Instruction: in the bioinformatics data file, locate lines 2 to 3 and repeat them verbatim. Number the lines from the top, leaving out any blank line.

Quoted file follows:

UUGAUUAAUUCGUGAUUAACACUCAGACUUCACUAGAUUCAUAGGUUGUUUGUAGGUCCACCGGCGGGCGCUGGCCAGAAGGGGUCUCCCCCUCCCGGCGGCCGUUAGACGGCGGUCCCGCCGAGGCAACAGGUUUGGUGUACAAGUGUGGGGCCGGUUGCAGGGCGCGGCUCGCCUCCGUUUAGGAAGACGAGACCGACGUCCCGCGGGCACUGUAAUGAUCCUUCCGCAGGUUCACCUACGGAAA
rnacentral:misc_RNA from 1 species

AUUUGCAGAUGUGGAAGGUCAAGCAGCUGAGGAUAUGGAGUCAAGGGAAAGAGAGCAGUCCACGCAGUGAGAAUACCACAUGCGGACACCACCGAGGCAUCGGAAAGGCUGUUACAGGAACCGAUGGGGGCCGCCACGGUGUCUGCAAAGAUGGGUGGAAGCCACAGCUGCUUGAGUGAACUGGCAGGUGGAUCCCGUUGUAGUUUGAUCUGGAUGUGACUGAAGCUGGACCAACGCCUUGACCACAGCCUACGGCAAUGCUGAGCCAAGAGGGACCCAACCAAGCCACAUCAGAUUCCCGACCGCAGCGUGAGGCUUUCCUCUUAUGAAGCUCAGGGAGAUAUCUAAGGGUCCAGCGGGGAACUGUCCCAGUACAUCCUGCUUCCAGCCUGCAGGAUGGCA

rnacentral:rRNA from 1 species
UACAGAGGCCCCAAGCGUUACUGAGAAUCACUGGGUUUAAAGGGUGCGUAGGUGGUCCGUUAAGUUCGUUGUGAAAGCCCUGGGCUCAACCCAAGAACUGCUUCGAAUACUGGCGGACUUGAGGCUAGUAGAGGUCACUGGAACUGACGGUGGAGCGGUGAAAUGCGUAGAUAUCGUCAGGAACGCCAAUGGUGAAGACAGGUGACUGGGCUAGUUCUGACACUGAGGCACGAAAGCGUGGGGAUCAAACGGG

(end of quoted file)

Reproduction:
rnacentral:misc_RNA from 1 species

AUUUGCAGAUGUGGAAGGUCAAGCAGCUGAGGAUAUGGAGUCAAGGGAAAGAGAGCAGUCCACGCAGUGAGAAUACCACAUGCGGACACCACCGAGGCAUCGGAAAGGCUGUUACAGGAACCGAUGGGGGCCGCCACGGUGUCUGCAAAGAUGGGUGGAAGCCACAGCUGCUUGAGUGAACUGGCAGGUGGAUCCCGUUGUAGUUUGAUCUGGAUGUGACUGAAGCUGGACCAACGCCUUGACCACAGCCUACGGCAAUGCUGAGCCAAGAGGGACCCAACCAAGCCACAUCAGAUUCCCGACCGCAGCGUGAGGCUUUCCUCUUAUGAAGCUCAGGGAGAUAUCUAAGGGUCCAGCGGGGAACUGUCCCAGUACAUCCUGCUUCCAGCCUGCAGGAUGGCA